Her co-defendants pocketed millions of dollars and had more culpability, but they accepted pleas for five- and six-year sentences. Gozes-Wagner was sentenced after trial to 20 years in prison and $15.2 million in restitution. On his last day in office, President Trump commuted Gozes-Wagner’s sentence. That order recognized her “sentence was significantly more severe than the sentences imposed on the other defendants, several of whom played a more central role in the fraud. Her sentence was criticized by numerous former high-ranking U.S. officials as disproportionate to her crime.”
Gozes-Wagner, unlike many defendants who have suffered a trial penalty, had the support of influential people. That leaves hundreds of thousands to suffer the loss of freedom well beyond that which was adjudged to be necessary in pre-trial stages because they lack a voice that carries to high places.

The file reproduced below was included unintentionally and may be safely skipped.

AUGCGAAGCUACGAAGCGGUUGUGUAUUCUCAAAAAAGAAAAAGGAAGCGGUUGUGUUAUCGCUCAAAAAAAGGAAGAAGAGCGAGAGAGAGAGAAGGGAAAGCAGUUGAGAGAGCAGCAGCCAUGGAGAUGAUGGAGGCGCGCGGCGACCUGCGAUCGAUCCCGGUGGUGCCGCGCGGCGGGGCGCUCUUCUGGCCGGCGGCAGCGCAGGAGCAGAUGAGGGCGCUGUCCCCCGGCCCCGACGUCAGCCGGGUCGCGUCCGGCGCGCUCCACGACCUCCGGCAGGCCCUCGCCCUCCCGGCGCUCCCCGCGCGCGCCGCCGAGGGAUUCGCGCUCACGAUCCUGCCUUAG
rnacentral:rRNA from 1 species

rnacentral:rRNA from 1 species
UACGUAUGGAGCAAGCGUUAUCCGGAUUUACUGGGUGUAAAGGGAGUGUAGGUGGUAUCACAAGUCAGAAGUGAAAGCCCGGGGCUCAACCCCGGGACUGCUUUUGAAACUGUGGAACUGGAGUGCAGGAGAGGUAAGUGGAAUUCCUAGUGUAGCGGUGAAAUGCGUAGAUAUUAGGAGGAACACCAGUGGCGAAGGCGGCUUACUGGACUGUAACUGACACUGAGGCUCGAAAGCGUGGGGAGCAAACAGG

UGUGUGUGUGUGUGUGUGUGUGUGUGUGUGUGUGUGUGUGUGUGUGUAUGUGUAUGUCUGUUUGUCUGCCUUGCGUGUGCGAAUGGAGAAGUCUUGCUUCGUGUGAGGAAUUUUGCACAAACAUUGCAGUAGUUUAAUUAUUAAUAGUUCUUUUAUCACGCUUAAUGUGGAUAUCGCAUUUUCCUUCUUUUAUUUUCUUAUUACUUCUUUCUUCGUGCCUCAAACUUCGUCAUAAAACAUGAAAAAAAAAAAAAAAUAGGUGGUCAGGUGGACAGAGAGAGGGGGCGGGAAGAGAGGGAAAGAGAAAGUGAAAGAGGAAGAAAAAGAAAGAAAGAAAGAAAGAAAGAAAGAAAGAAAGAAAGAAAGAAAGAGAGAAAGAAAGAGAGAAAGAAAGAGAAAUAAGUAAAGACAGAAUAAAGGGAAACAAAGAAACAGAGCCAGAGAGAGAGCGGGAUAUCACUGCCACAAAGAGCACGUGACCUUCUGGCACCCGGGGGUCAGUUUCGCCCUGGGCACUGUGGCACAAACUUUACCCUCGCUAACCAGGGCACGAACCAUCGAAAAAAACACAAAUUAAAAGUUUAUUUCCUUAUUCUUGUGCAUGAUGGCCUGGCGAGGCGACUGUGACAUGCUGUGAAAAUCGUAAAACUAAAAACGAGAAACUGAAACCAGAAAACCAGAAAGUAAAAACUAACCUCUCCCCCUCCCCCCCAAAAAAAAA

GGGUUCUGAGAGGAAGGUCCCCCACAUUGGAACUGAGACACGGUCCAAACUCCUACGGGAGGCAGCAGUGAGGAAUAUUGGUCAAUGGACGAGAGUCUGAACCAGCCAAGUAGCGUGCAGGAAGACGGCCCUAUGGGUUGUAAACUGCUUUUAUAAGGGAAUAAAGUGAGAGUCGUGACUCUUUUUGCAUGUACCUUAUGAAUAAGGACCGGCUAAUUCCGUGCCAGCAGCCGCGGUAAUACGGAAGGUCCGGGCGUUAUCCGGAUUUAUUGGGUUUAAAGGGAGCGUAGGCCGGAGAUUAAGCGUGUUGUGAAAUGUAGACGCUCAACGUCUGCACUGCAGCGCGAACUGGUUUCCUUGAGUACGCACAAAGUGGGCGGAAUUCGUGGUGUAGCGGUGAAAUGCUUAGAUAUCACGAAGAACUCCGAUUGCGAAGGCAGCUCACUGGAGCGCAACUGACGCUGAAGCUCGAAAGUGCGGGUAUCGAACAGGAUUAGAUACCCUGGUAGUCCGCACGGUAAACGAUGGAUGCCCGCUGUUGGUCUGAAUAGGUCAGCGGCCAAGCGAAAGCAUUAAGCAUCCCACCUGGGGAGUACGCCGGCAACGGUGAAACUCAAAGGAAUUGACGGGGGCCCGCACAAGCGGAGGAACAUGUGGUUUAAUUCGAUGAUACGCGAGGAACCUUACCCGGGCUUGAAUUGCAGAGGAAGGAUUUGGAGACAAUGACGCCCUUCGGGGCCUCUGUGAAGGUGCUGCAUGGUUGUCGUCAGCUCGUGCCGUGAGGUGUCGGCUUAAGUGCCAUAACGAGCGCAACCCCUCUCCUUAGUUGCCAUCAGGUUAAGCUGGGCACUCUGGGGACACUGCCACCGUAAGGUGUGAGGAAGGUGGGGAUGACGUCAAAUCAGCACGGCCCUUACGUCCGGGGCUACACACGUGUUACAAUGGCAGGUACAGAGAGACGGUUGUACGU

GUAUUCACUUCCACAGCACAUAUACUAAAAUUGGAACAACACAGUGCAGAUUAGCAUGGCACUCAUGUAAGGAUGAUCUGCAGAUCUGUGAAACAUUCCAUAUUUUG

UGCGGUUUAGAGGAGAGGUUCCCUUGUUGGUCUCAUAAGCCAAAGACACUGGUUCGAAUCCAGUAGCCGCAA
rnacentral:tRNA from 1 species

“One of the most important rights we have as Americans—the right to trial—is disappearing before our eyes,” said Kevin Ring, president of Families Against Mandatory Minimums. “We want to believe that people are punished based upon the severity of their crime and the harm they caused. That’s no longer true. Today the harshest sentences are imposed on those who simply exercise their right to trial.”
Sources: NACDL.org, Duquesne Law Review, Mississippi Law Journal, California Law Review, Indiana Law Journal, WSJ.com, natllawreview.com, Federal Sentencing Reporter, vadogwood.com, triblive.com, townhall.com, pewresearch.org, surveymonkey.com, famm.org